Nutrition information is automatically calculated, so should only be used as an approximation.

Tried this recipe?Mention @leitesculinaria or tag #leitesculinaria!
Recipe © 2022 David Leite. Photos © 2022 David Leite. All rights reserved.

Recipe Testers’ Reviews

This light and airy icebox cake is easy to put together and perfectly sweet. The strawberry flavor shines through, and the vanilla wafers magically transform into a sponge cake-like texture overnight. This is a dessert that kids and adults will enjoy making and enjoying!

If I’m honest, what attracted me most to this strawberry no-bake dessert was the term “icebox” in the title. It conjures old-fashioned desserts made by a smiling mom in a cute apron and chilled in the “icebox.” And this easy strawberry icebox cake will reward you with a nostalgic taste. It’s light, refreshing, and cool–perfect for a hot summer day when you want dessert but don’t want to turn on the oven.

It was tasty after one day in the fridge, but even better was the slice I had today out of the freezer, thawed on the counter for about 20 minutes. The nice thing about freezing this cake is that it is easy to cut a square straight out of the freezer and have a terrific on-demand dessert. Easy and quick, with few required ingredients, this cake is a winner!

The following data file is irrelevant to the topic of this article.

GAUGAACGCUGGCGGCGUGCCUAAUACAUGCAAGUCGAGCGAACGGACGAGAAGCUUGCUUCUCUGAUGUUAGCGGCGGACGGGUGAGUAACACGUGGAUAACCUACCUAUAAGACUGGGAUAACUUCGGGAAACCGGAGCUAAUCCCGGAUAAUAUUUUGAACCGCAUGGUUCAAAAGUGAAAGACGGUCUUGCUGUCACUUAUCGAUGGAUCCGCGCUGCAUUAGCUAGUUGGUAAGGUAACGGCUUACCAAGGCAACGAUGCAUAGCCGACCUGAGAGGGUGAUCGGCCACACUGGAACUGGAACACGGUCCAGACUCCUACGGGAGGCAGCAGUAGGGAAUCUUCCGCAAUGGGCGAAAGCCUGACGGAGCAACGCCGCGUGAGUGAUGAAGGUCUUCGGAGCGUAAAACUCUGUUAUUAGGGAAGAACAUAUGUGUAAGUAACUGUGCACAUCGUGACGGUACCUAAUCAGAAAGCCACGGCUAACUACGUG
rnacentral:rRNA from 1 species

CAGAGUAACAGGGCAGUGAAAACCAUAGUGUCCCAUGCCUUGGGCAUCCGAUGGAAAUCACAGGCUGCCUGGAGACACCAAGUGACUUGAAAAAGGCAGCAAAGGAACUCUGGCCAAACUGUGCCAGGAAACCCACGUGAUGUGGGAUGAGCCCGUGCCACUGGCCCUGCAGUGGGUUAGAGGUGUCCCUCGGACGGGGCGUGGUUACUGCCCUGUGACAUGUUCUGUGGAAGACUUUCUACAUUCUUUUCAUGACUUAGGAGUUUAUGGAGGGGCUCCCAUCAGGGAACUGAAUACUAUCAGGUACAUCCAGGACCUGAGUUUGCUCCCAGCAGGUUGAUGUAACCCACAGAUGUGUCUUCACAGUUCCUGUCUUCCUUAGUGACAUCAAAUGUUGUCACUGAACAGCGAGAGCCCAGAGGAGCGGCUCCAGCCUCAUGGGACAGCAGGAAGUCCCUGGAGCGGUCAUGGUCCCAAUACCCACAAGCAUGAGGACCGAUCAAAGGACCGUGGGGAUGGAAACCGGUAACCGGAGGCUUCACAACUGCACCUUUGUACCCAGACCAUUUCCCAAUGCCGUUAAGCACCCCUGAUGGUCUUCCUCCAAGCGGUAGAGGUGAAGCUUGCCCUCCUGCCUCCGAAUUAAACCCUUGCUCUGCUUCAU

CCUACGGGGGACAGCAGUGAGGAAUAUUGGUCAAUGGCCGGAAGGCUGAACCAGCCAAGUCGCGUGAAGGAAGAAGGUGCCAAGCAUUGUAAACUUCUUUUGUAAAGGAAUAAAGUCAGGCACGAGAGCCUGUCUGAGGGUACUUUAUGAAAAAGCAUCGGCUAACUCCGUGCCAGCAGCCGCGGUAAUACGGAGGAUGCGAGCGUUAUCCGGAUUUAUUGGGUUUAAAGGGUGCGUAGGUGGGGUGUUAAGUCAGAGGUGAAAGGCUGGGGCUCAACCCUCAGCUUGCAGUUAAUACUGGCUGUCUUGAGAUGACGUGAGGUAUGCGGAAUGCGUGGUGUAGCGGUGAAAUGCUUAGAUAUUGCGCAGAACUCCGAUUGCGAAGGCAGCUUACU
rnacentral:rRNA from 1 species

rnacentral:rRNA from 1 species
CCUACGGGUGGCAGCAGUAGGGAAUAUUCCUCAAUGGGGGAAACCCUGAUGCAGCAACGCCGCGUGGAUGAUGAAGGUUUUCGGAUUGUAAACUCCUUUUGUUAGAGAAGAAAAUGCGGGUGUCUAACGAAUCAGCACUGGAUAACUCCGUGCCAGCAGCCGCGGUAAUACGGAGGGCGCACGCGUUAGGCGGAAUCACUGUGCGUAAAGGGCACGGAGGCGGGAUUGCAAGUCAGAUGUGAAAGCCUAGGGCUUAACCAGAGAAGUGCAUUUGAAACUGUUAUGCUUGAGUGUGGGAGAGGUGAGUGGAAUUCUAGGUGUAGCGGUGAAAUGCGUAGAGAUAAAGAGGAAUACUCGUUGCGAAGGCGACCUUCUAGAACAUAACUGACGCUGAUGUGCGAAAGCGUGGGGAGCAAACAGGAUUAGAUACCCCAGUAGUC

I made half a recipe, and it turned out beautifully. I recommend using a heaping cup of strawberries to really maximize the flavor. Next time, I may try a layer of sliced strawberries in the middle layer for additional flavor.

I needed a quick and easy no bake strawberry dessert for this testing round and Jessie Sheehan’s strawberry icebox cake fit the bill perfectly. Barely 20 minutes of hands-on time and then it worked its magic while we slept.

I didn’t grow up with icebox cakes, so the very soft texture of the finished cake was not something familiar and probably not my favorite, but the strawberry cream flavor – especially using the fabulous seasonal best berries available right now – was fresh and fabulous and the proportions of cookie to cream were just right.

You can make this in a springform pan and slice it like a baked cake and it’s a fairly stunning return for such little investment in time and ingredients.